Network Automation – A Mission-Critical Piece for Success

Daniel Sakimura – Data Operations Professional, Colorado Convention Center

Today’s Event and Convention networks are far different than those of the last decade.

We live and work in an era of “borderless” networks, where individuals and businesses expect to access their content from anywhere at any time.  The number of vendors, languages, protocols, and threats that network engineers have to be aware of and competent with has increased significantly.  In the convention IT business, we have seen a growing need for network services as part of the core of successful events. Networks which allow organizations to extend their office into the convention venue transparently.

End-user expectations have changed as well.  Users are no longer content to wait until tomorrow (or next week) for services to be provided.  The network is expected to “just work”, especially when the user walks into a convention venue, their office away from the office.

The network is no longer just “the network.”  It is a mission-critical piece for the success of an organization’s event.  Network services have no value if they cannot meet the client’s growing requirements.   With the rise of various cloud platforms (Software/Platform/Infrastructure as a Service) and other rapid- and flexible- deployment technologies and strategies, the network is being forced to change rapidly and flexibly.

Within the sphere of conventions and events, automation of network processes allows us to serve our customers the products they need faster and with greater consistency.  Automation of the troubleshooting process provides for a quicker and more efficient time-to-resolution.  Computers, by design, are very good at doing the same thing over and over; humans, by nature, are not.  Automating deployment and troubleshooting processes creates consistency.  Automation also allows (some would say forces) better documentation.  The programmatic nature of automation means that changes must be determined before a change is implemented, thus reducing the use of one-off, quick, “just-make-it-work” changes that cripple a network later.  In the narrowed time frame of a convention, consistent, accurate and timely delivery of services and solutions is the way we enable our client’s events to succeed.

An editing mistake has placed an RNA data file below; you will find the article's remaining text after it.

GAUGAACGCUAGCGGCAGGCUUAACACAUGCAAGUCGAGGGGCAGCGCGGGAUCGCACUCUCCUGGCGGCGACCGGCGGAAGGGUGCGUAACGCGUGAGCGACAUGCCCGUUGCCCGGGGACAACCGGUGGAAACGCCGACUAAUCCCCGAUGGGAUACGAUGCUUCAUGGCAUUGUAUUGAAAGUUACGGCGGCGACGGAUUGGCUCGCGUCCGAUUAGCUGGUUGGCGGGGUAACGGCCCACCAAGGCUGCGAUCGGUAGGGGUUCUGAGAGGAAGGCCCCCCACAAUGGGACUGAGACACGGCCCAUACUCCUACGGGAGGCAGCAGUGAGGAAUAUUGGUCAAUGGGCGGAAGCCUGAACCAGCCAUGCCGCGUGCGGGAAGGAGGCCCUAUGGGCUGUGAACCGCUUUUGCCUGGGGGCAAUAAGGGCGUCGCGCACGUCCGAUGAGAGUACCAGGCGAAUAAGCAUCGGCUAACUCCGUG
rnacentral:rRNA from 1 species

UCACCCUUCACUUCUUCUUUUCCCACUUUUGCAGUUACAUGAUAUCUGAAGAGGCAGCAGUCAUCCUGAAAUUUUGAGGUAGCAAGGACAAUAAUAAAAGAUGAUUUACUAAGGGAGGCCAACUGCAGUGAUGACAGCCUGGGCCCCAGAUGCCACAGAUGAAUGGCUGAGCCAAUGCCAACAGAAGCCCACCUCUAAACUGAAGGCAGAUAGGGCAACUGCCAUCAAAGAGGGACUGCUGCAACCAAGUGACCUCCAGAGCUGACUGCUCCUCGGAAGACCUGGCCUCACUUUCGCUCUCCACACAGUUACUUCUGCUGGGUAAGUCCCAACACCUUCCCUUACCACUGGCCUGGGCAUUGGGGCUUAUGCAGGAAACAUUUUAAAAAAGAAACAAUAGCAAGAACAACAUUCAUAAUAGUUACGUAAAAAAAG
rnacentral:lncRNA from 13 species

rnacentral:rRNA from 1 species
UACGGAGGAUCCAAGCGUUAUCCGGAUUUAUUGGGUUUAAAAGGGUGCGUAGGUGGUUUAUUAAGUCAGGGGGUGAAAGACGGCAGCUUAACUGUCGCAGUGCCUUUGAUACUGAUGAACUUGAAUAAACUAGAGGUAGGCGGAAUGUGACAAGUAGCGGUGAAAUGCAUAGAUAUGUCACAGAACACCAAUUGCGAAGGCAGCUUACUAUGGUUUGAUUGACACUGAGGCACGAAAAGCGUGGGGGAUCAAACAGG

If automation is so great, why hasn’t every network already been automated?  Automation is not easy and not for the lazy.  No network is the same as any other, and no one-size-fits-all solutions exist.  Many good frameworks exist, mostly borrowed from the DevOps movement (Ansible, Puppet, Chef, Jenkens, Salt, etc…), but they are frameworks, tools, not complete solutions.  Many network hardware companies (e.g., Cisco, Juniper, etc…) are rolling out hardware systems that can be accessed programmatically through various APIs.  However, someone still has to tell the equipment what to do, this, therefore, becomes the network engineer’s new job.

With the increasing dependency on well-functioning networks for successful events, we must begin to think broader.  It is no longer just about delivering an IP to a point in space.  Service has become about adapting to unforeseen circumstances before the client notices an impact on their operations and not just their network. Now the network engineer needs to move out of only the network and be able to work with developers, operators and administrators to deliver a product that meets or exceeds the needs of our convention clients, both now and for the future.  Maybe, instead of being “Network Engineers,” we need to become “Solution Engineers,” enabling our clients to do what they need to do without a bottleneck.  Automation provides one of the critical components to engineering successful network solutions.

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